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A Brief History Of Alcohol Abuse

A Brief History Of Alcohol, Alcohol Abuse, & Alcoholism In The U.S.

Alcohol plays a key role in our culture today. Americans drink to celebrate, drink to commiserate, drink casually, drink at formal events, drink to calm down after a long hard day, and drink to lower our inhibitions before we dive into a wild night out.

While moderate alcohol intake isn’t problematic and can even provide certain health benefits, heavy drinking remains common, especially among teenagers and young adults. 

An estimated 14.1 million adult Americans ages 18 and older (or about 5.6% of the adult population) experience alcohol use disorder.

Alcohol Abuse Origins

Alcohol has been the most widely-available addictive substance for thousands of years, with fermentation developing sometime after the development of agriculture approximately 13,000 years ago.

Early alcoholic drinks were made using simple grains, honey, and fruit juice, and they held significant advantages for the societies that promoted alcohol production. 

Alcohol was a valuable trade good, and acted as a natural disinfectant, protecting against harmful bacteria and other microbes in drinking supplies.

However, the overconsumption has existed just as long and drunkenness is commonly referenced in ancient writings including early Greek literature and the Bible or Torah.

The Temperance Movement

In the 1700 and 1800s, grain spirits became increasingly cheap and widespread in western nations, coinciding with a dramatic increase in alcoholism and alcohol-related problems in the urban and rural working classes.

In response, the Temperance movement promoted moderation in alcohol use, and later outright elimination of drinking alcohol to combat social ills like drunkenness, domestic violence, and corruption.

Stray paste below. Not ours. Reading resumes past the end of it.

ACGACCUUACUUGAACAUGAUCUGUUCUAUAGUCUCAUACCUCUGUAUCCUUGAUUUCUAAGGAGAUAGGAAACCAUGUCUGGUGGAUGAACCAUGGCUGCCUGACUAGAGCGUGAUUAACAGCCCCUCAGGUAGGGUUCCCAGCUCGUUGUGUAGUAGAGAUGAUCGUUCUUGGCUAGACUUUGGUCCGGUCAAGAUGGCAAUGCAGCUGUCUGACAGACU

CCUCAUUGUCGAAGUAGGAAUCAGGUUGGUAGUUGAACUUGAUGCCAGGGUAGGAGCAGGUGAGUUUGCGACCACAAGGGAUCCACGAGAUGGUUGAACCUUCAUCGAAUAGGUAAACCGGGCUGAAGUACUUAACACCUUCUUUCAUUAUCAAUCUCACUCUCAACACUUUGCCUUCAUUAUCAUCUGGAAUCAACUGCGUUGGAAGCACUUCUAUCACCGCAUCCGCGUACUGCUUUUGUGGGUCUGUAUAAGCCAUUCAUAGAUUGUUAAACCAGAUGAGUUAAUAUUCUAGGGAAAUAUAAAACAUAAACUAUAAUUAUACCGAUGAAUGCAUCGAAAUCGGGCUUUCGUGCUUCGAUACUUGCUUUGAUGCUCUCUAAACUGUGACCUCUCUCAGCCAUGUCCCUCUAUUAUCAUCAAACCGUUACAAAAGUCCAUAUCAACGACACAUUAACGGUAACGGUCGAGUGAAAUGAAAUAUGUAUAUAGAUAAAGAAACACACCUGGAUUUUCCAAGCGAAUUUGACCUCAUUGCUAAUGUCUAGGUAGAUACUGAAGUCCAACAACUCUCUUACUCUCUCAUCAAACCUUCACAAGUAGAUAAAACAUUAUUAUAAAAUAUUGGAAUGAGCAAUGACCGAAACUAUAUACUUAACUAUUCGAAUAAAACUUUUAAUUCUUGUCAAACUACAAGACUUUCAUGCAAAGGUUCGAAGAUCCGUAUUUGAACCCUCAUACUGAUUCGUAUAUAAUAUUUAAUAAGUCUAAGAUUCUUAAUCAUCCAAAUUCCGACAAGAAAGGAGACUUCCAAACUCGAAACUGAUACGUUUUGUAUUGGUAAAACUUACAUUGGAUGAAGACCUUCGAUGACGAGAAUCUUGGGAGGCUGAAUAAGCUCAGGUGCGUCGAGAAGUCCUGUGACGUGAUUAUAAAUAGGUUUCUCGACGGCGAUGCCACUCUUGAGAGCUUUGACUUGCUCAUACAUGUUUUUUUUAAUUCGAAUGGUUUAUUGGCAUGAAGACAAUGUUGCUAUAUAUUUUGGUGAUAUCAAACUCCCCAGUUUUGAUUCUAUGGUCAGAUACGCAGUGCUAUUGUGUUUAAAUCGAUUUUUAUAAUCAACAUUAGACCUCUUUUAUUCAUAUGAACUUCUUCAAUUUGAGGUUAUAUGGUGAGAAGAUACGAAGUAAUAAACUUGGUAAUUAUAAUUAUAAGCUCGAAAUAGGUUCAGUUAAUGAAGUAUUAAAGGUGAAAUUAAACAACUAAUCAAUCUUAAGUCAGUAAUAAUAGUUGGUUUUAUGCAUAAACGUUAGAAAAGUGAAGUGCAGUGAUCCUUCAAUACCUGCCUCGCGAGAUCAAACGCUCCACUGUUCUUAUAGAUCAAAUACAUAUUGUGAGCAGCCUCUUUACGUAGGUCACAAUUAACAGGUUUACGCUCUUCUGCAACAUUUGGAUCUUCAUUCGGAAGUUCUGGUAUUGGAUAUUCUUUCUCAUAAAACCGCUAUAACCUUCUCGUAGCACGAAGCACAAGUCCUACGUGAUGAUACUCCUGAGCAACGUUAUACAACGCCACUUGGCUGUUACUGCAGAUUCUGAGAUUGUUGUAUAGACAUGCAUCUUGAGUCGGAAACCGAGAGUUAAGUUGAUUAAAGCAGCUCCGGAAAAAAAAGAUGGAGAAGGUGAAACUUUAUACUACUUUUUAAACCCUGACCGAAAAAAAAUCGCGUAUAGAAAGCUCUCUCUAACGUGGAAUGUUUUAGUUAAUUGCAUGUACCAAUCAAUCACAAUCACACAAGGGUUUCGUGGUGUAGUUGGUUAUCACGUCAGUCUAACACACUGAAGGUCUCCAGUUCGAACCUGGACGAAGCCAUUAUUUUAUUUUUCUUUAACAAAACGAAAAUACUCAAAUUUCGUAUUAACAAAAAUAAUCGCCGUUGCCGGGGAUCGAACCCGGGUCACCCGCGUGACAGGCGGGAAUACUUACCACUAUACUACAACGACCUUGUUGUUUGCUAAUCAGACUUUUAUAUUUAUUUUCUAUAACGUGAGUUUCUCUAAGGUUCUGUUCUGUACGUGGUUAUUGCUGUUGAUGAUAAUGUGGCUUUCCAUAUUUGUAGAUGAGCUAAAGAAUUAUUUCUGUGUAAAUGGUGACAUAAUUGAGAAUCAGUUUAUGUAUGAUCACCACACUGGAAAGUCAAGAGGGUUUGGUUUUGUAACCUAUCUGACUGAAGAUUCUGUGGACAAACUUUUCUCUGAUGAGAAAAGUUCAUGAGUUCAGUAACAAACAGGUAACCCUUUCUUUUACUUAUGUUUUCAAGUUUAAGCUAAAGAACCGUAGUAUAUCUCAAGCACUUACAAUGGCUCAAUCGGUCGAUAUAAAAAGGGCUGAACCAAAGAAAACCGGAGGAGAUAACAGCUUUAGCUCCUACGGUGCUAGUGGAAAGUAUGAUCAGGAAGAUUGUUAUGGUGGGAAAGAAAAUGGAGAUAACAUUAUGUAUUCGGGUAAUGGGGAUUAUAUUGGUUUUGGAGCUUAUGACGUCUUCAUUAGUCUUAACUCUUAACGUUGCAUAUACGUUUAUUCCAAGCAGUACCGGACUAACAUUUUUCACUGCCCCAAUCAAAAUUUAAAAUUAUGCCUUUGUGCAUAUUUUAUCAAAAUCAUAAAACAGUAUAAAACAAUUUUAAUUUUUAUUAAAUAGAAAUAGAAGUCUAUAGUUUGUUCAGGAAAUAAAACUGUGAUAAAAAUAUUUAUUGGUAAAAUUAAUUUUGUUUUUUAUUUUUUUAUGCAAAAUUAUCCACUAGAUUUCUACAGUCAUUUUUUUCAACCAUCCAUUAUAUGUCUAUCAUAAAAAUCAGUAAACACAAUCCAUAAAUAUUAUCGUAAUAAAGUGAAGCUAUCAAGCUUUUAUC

Prohibition

On January 17, 1920, the United States launched a policy known as Prohibition which banned the manufacture, sale, import, or export of alcoholic products, though not the actual consumption of alcohol.

For the next thirteen years the illegal alcohol trade ran wild, funding a massive expansion of organized crime and other unregulated criminal activity related to alcohol production, transportation, and sale. 

Millions kept drinking and kept developing drinking problems. Americans became ever more accustomed to violations of the law until Prohibition finally ended on December 5, 1933 with ratification of the Twenty-first Amendment.

Alcoholics Anonymous

In 1935 in Akron, Ohio, Bill Wilson, a self-professed alcoholic, spoke with fellow heavy drinker Bob Smith. Together, the two men launched a new organization dedicated to alcoholism treatment through a process of mutual support and personal progress: Alcoholics Anonymous (AA).

The organization was groundbreaking for it’s time and in the years since has remained nonprofessional, self-supporting, and non-political. 

AA and the 12-steps served as a template and proving ground for many of the different substance abuse treatments used in professional addiction treatment centers today.

Alcohol Abuse In The United States Today